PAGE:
In a 2-1 vote Monday night, the Hilltown Township Board of Supervisors approved an amendment to an original 2005 township agreement which will extend mining operations at the Blooming Glen and Rice quarry tracts until 2040 and provide increased revenues to the township.

The supervisors were presented with a six-page addendum for their approval by representatives from stone and concrete contractors Haines and Kibblehouse of Skippack, Montgomery Co.

Since Haines and Kibblehouse assumed ownership in 1973 of both Hilltown quarries, this is their third request to continue mining at Blooming Glen.

The addendum specifies beginning January 1. 2014, Hilltown receives increased quarrying fees per ton of stone mined, more per load for inbound materials used for land reclamation, and a minimum flat quarrying fee of no less than $100,000 annually.

Additionally as per the addendum, Haines and Kibblehouse pays a $12,500 extension surcharge annually to the township beginning in January 2021 through December 2035. In 2036 through the final mining year of 2040, the yearly contract extension surcharge pertaining to this "five year extension option" would rise to $25,000.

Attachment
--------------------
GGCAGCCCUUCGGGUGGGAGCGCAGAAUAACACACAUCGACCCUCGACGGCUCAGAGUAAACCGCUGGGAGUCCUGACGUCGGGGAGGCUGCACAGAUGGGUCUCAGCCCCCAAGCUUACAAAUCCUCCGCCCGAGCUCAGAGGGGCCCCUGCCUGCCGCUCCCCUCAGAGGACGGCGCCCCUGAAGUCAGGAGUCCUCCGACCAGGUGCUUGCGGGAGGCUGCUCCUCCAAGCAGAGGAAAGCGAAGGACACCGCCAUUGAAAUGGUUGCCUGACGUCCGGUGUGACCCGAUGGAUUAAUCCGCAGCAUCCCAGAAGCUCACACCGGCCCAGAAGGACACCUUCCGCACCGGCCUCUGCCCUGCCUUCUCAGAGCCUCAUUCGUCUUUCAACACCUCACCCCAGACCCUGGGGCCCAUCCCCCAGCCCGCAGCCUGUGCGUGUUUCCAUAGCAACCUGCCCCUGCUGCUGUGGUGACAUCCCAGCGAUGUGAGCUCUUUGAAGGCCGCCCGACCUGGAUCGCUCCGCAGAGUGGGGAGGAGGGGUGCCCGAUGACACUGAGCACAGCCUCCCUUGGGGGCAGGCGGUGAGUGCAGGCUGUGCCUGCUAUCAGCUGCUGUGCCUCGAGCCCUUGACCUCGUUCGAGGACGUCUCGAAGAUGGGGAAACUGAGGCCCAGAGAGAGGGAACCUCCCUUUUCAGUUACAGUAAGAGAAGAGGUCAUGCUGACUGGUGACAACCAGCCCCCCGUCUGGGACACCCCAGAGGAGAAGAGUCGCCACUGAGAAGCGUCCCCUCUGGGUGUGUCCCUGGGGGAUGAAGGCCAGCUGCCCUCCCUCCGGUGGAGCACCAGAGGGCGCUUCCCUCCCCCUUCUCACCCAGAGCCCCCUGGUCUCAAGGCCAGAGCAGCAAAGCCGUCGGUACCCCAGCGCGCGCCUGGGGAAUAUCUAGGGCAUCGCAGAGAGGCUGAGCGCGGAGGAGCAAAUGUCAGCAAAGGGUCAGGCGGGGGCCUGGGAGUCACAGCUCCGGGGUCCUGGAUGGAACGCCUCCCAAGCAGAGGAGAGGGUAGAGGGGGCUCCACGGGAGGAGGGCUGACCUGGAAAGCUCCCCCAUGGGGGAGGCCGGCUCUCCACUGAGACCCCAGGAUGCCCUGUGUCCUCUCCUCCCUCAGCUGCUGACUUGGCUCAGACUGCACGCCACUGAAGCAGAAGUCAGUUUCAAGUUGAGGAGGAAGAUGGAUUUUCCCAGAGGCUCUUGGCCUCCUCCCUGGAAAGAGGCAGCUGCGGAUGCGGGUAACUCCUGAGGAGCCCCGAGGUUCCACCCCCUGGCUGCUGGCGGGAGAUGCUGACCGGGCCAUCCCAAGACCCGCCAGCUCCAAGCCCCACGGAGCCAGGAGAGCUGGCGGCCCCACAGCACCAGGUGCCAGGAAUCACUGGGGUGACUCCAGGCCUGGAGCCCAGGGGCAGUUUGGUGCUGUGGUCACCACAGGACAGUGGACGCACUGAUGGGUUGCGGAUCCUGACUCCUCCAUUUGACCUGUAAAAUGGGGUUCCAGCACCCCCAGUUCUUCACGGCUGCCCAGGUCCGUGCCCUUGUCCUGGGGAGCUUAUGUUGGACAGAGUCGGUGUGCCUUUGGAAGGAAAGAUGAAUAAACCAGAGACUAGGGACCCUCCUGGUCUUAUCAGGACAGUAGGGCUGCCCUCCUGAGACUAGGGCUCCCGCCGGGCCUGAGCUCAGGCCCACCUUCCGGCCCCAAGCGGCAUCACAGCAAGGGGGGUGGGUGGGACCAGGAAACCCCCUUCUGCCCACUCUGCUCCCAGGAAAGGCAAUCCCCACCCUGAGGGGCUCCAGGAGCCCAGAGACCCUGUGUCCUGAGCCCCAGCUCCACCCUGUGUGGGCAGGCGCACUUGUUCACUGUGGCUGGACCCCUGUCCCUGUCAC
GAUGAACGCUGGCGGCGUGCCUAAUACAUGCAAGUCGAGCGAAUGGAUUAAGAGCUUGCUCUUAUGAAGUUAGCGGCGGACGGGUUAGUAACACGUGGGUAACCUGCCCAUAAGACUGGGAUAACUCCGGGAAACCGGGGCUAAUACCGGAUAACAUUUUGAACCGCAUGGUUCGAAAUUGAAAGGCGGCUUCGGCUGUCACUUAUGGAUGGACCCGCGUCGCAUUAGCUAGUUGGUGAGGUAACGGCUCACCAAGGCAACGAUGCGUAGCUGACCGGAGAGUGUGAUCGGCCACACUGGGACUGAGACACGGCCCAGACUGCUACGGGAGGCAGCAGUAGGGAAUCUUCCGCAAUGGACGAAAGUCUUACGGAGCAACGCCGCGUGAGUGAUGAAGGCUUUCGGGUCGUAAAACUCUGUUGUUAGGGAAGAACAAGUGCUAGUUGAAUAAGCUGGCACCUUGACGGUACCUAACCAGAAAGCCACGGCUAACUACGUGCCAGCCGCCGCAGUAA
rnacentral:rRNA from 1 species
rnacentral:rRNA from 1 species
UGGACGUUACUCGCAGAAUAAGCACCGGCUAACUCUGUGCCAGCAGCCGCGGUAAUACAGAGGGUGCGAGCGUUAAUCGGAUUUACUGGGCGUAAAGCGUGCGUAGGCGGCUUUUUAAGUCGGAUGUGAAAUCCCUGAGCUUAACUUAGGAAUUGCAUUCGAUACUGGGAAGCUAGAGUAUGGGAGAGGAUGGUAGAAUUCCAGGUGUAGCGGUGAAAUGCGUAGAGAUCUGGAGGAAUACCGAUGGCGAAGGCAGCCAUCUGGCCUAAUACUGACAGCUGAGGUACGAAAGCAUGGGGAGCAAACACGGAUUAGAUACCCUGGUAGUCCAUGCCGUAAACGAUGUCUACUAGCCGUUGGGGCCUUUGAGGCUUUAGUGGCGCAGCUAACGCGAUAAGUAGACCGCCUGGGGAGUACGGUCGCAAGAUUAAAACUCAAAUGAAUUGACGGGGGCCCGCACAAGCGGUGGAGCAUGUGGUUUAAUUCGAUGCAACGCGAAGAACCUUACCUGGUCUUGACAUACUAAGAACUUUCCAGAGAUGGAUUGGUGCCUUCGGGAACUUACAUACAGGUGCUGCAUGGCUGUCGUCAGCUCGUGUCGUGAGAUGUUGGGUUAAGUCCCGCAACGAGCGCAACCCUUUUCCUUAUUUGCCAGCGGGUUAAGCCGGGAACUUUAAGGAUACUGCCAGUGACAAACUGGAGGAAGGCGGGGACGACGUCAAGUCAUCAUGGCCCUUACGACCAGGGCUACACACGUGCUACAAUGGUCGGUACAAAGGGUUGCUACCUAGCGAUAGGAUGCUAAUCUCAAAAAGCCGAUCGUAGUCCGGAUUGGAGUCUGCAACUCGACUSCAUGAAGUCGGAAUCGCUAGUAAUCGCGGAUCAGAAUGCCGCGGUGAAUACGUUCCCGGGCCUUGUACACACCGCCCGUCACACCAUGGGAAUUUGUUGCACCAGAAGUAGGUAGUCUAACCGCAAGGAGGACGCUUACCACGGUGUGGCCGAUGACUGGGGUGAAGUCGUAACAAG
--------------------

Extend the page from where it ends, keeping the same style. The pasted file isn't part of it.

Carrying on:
According to an addendum attachment, other modifications to the original 2005 agreement allows the Blooming Glen Quarry to become a ten-acre wide recreation lake with a depth of thirty feet. The new lake also would be outfitted with a fishing pier, boat ramp, walking and nature trails, and parking lot.

As per the addendum and following the completion of quarry reclamation, Hilltown would reclaim close to 52 township property acres.

Supervisor James Groff who voted for adoption of the new addendum stated, "It's a good deal and the township makes more money and gets paid reclamation fees."

Outgoing Board Chairperson Barbara Salvadore agreed with Groff and justified her approval of extended mining at Blooming Glen by commenting, "It's for sustainable revenue over a longer period of time."

Board Vice Chairman John McIlhinney remarked, "It's all about the money" following his refusal to vote in favor of the addendum.

He doesn't believe extending the quarry mining deadline is in the best interest of the taxpayers because further changes to the original 2005 agreement will continue to be requested by the contractor in the future.